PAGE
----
Katina takes the time to point out certain houses along our walk. That one with the open door, she says, that’s a drug dealer’s house. The one three doors down the street is a brothel. This large street, Metropolitan Parkway, is where young prostitutes linger to meet their clients. We pass a shotgun house where a wooden board blocking the entrance has been broken apart. The corner of a bright red door can be seen through the splintered wood. Katina says that house is probably occupied by squatters.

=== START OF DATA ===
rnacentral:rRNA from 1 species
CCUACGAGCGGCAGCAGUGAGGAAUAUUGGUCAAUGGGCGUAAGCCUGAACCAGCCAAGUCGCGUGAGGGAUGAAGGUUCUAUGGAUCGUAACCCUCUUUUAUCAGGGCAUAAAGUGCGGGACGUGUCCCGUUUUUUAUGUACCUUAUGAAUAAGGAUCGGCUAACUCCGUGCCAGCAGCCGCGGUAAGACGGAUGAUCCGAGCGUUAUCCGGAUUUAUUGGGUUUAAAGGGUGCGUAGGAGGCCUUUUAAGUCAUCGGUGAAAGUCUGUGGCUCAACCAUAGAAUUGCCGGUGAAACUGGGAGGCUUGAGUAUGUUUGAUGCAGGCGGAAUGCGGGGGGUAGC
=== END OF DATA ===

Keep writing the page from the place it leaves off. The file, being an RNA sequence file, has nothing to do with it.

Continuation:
The reason that we Princeton students are here is to learn about child sex trafficking. Atlanta is considered a major hub for commercial sex trade due to its large airport. The campaign to stop the exploitation of underage girls and boys as sex slaves has catalyzed the Georgian community. But despite a large amount of recent media coverage on the topic of sex trafficking, few seem to be willing to talk about the “race issue,” a taboo topic especially in the South. Non-profit activist organizations like to paint the narrative of sex trafficking as “it could happen to anyone.” For the OTP (outside-the-perimeter) crowd, this means telling the story of the young white girl who ran away and got picked up and pimped out in the city. But the shotgun houses tell a different story—that even though sex trafficking can happen anywhere, it doesn’t happen everywhere. It happens on backpages and in back alleys. It happens to those whose mothers, fathers, and grandparents already knew the meaning of slavery and oppression. It happens in the one-story, rundown shacks inside the beltway, in smoky motels and shaded streetcars.